• Simplifying Method Calls Refactoring: 

This strategy simplifies and clarifies method calls. We improve the interaction between classes and simplify their interfaces.

Examples are adding, removing, and introducing new parameters; replacing the parameter with an explicit method and method call; parameterizing the method; creating a distinct query from the modifier; preserving the entire object; eliminating the setting method, and more. 

  • Refactoring by Abstraction: 

This method is also known as the pull-up/push-down method. Abstraction works well for large-scale projects and when attempting to rework enormous amounts of code. This technique uses tactics like extracting, constructing interfaces, and establishing new classes, hierarchy, and class inheritances to reduce repetition and redundancy in your code. It’s vital to remember that abstraction implements large-scale code changes over time rather than all at once, allowing you to keep your systems operational while you make changes in the background.

  • Preparatory Refactoring: 

Preparatory refactoring is sometimes described as a combination of software upgrades and refactoring. Whereas other code refactoring strategies are barely focused on refactoring, this technique is used when a developer or software engineer discovers the need for refactoring while creating a new feature. 

  • Moving Features Between Objects: 

In this technique, we construct new classes and safely transfer functionality between the old and new ones. We keep the implementation specifics hidden from the public. When should functionality be moved between classes, and how may features be identified for this purpose? 

When you discover that a class has too many responsibilities and too much is going on, or when you discover that a class is redundant and doing nothing in an application, you can shift the code from one class to another and eliminate it completely.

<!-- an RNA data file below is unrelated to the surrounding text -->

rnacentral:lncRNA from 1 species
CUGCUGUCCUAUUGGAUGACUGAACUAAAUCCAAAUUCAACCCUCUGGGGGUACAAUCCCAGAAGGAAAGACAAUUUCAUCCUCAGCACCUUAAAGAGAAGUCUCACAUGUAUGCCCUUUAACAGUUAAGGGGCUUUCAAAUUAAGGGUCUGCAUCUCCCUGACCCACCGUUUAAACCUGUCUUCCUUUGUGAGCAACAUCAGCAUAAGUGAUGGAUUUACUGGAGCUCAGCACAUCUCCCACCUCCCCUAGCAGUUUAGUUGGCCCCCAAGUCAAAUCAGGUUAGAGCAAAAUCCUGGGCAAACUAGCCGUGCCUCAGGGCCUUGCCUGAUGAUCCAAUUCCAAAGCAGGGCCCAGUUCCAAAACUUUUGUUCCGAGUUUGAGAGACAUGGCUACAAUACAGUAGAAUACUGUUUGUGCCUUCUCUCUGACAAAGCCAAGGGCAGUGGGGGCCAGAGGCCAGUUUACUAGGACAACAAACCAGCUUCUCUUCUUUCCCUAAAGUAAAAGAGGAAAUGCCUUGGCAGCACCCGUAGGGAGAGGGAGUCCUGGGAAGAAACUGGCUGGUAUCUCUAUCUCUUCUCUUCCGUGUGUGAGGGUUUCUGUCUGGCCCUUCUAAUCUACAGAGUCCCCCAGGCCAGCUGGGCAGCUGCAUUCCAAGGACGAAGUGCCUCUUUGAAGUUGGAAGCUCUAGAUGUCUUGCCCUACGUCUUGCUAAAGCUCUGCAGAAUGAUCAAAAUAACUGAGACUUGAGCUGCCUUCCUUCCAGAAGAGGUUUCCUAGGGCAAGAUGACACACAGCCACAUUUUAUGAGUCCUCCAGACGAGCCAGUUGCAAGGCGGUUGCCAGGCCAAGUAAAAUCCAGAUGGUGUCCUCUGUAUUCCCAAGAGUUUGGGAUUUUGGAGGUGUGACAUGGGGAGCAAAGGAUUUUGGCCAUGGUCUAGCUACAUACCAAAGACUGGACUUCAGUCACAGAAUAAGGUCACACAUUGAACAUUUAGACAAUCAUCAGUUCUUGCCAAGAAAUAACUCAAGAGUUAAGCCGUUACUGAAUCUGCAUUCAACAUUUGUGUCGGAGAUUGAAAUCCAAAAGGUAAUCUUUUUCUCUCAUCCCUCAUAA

Examples include: relocating a field, extract class, move method, inline class, conceal delegate, adding a foreign method, removing middle man, introducing local extension, etc.

  • User Interface Refactoring:

The final code restructuring technique is crucial for improving the usability and aesthetics of software programs. It entails making simple but significant modifications to the user interface (UI) while simultaneously reworking the underlying code. This could include activities like ensuring visual consistency, improving readability, standardizing button sizes for uniformity, and changing color contrasts for easier accessibility. These refinements improve the overall user experience and ensure that the program remains intuitive and efficient. 

Conclusion: 

So, understanding the art of code refactoring is more than a technical ability; it is a mindset that propels software engineering to new heights of brilliance. Software engineers can use the code refactoring approaches outlined to transform complex, convoluted code into elegant, efficient solutions that will stand the test of time. In Software Development by Hashlogics, where we offer top-tier software development services, we recognize how important code restructuring is in creating resilient, scalable, and maintainable software solutions.

Embracing refactoring as a key strategy allows our teams to increase code readability, streamline maintenance tasks, and build a culture of continuous progress.